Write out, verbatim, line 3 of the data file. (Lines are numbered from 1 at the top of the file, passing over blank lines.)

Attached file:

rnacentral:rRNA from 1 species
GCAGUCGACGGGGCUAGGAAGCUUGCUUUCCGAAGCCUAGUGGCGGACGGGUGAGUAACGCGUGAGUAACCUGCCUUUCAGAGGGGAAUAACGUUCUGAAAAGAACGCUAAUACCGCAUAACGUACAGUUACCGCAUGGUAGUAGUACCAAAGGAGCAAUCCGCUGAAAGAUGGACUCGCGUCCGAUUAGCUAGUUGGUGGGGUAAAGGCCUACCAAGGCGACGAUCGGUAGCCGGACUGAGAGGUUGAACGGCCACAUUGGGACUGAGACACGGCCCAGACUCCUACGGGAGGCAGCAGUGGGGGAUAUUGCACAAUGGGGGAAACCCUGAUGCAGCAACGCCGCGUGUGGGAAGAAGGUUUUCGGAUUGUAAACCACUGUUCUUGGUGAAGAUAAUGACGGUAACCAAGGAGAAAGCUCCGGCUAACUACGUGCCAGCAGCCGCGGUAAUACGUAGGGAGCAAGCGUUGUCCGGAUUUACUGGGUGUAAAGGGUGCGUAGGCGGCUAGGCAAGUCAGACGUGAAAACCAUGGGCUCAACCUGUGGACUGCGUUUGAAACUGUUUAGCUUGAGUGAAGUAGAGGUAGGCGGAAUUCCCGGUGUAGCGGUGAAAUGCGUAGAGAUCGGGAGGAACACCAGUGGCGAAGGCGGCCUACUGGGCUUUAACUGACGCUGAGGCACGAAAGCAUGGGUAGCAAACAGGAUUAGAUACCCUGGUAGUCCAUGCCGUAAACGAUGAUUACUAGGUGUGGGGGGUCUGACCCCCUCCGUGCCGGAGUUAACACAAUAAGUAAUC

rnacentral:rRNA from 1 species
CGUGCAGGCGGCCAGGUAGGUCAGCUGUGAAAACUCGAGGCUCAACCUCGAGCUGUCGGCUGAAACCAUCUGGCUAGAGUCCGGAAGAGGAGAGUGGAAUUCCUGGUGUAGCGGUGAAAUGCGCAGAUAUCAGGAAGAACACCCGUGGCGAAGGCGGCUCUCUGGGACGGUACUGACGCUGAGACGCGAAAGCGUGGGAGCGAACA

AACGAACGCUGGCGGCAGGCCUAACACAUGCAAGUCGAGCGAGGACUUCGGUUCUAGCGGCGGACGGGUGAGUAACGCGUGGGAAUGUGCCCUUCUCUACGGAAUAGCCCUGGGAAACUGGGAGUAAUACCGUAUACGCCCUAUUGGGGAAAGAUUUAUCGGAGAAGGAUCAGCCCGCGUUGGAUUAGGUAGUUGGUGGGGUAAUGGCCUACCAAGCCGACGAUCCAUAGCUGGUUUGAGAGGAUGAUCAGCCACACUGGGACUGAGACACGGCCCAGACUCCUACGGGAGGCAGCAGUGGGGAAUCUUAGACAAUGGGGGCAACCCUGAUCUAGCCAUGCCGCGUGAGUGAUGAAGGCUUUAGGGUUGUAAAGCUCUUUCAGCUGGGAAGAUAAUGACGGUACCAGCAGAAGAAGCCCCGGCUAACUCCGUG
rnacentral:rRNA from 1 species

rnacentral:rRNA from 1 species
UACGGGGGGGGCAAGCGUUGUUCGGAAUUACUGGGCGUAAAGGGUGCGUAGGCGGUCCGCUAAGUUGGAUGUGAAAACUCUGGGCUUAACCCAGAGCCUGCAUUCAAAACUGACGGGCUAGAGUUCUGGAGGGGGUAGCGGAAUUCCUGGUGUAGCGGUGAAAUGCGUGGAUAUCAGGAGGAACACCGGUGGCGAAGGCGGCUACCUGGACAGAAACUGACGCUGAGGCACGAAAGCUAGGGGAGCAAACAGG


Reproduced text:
rnacentral:rRNA from 1 species